Your browser doesn't support javascript.
Show: 20 | 50 | 100
Results 1 - 20 de 857
Filter
1.
S Afr Med J ; 113(4): e16505, 2023 03 08.
Article in English | MEDLINE | ID: covidwho-20240454

ABSTRACT

BACKGROUND: Since the onset of the COVID­19 pandemic, healthcare resources have been repurposed to focus on COVID­19. Resource reallocation and restrictions to movement that affected general access to care may have inadvertently resulted in undue disruptions in the continuum of care for patients requiring non-COVID­19 healthcare services. OBJECTIVES: To describe the change in pattern of health service use in the South African (SA) private sector. METHODS: We conducted a retrospective study of a nationwide cohort of privately insured individuals. An analysis of claims data was performed for non-COVID­19 related healthcare services provided from April 2020 to December 2020 (year 1 of COVID­19) and April 2021 to December 2021 (year 2 of COVID­19) relative to the same period in 2019 prior to the COVID­19 pandemic in SA. Over and above plotting the monthly trends, we tested for statistical significance of the changes using a Wilcoxon test given the non-normality of all the outcomes. RESULTS: Between April and December 2020, relative to the same period in 2021, and also relative to the same period in 2019, we found a 31.9% (p<0.01) and a 16.6% (p<0.01) reduction in emergency room visits, respectively; a 35.9% (p<0.01) and 20.5% (p<0.01) reduction in medical hospital admissions; a 27.4% (p=0.01) and 13.0% (p=0.03) reduction in surgical hospital admissions; a 14.5% (p<0.01) and 4.1% (p=0.16) reduction in face-to-face general practitioner consultations for chronic members; a 24.9% (p=0.06) and 5.2% (p=0.54) reduction in mammography for female members; a 23.4% (p=0.03) and 10.8% (p=0.09) reduction in Pap smear screenings for female members; a 16.5% (p=0.08) and 12.1% (p=0.27) reduction in colorectal cancer registrations and an 18.2% (p=0.08) and 8.9% (p=0.07) decrease in all oncology diagnoses. Uptake of telehealth services throughout the healthcare delivery system increased by 5 708% in 2020 compared with 2019, and 36.1% for 2021 compared with 2020. CONCLUSION: A significant reduction in emergency room visits, hospital admissions and utilisation of primary care services was observed since the start of the pandemic. Further research is required to understand if there are long-term consequences of delayed care. An increase in the use of digital consultations was observed. Research on their acceptability and effectiveness may open new modalities of care, which may have cost- and time-saving benefits.


Subject(s)
COVID-19 , Humans , Adult , Female , COVID-19/epidemiology , Pandemics , Private Sector , Retrospective Studies , South Africa/epidemiology , Delivery of Health Care
2.
BMJ Open ; 13(6): e073300, 2023 06 01.
Article in English | MEDLINE | ID: covidwho-20240200

ABSTRACT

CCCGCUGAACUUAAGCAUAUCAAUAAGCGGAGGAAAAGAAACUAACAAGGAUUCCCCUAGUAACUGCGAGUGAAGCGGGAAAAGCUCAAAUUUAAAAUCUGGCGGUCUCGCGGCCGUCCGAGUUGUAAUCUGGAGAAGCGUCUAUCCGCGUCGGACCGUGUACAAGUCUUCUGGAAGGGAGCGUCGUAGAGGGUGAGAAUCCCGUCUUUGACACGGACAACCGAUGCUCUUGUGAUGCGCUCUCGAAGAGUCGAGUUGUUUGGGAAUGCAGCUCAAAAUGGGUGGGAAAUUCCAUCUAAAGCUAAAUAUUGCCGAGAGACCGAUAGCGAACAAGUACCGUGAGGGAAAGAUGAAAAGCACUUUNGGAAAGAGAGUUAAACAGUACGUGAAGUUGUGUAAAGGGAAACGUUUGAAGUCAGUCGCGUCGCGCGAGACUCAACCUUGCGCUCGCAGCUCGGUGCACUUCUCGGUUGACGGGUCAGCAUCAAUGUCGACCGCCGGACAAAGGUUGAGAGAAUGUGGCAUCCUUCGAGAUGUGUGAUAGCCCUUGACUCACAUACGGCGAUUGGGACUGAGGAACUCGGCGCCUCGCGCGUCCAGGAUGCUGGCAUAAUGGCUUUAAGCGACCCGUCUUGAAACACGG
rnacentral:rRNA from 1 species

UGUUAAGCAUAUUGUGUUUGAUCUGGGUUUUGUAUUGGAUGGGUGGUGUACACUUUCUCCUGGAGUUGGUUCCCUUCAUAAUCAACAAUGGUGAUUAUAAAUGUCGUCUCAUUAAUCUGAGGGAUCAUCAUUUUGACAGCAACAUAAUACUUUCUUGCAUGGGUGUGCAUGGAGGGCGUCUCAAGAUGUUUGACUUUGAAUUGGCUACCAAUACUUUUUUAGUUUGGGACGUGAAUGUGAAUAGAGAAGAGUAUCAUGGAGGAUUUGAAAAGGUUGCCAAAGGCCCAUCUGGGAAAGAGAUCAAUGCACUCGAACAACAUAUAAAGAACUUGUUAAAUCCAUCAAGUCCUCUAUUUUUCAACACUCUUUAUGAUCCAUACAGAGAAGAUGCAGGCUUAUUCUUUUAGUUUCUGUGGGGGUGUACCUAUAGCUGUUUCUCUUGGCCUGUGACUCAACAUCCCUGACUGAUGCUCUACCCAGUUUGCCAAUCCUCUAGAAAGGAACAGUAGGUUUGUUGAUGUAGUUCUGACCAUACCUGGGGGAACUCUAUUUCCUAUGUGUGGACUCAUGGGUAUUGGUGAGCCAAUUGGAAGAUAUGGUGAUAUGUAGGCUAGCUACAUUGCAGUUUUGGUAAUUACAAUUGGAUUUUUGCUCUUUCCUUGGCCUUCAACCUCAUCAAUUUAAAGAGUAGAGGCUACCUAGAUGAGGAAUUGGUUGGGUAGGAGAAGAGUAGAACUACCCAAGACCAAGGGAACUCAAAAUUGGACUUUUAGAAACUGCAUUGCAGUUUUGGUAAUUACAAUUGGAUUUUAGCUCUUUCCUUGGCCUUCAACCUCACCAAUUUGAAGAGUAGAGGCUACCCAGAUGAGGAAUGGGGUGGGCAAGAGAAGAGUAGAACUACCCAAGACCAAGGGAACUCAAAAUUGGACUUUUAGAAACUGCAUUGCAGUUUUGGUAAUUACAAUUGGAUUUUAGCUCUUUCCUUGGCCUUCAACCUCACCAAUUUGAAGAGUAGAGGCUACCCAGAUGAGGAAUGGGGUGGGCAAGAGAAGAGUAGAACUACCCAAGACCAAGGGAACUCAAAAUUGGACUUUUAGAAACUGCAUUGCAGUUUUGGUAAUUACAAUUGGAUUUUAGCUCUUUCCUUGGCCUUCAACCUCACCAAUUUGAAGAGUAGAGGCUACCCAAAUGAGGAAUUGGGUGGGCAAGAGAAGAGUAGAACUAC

INTRODUCTION: Rheumatic heart disease (RHD) is responsible for a significant burden of cardiovascular morbidity and mortality, and remains the most common cause of acquired heart disease among children and young adults in low-income and middle-income countries. Additionally, the global COVID-19 pandemic has forced the emergency restructuring of many health systems, which has had a broad impact on health in general, including cardiovascular disease. Despite significant cost to the health system and estimates from 2015 indicating both high incidence and prevalence of RHD in South Africa, no cohesive national strategy exists. An updated review of national burden of disease estimates, as well as literature on barriers to care for patients with RHD, will provide crucial information to assist in the development of a national RHD programme. METHODS AND ANALYSIS: Using predefined search terms that capture relevant disease processes from Group A Streptococcal (GAS) infection through to the sequelae of RHD, a search of PubMed, Scopus, ISI Web of Science, Sabinet African Journals, SA Heart and Current and Completed Research databases will be performed. All eligible studies on RHD, acute rheumatic fever and GAS infection published from April 2014 to December 2022 will be included. Vital registration data for the same period from Statistics South Africa will also be collected. A standardised data extraction form will be used to capture results for both quantitative and qualitative analyses. All studies included in burden of disease estimates will undergo quality assessment using standardised tools. Updated estimates on mortality and morbidity as well as a synthesis of work on primary, secondary and tertiary prevention of RHD will be reported. ETHICS AND DISSEMINATION: No ethics clearance is required for this study. Findings will be disseminated in a peer-reviewed journal and submitted to national stakeholders in RHD. PROSPERO REGISTRATION NUMBER: CRD42023392782.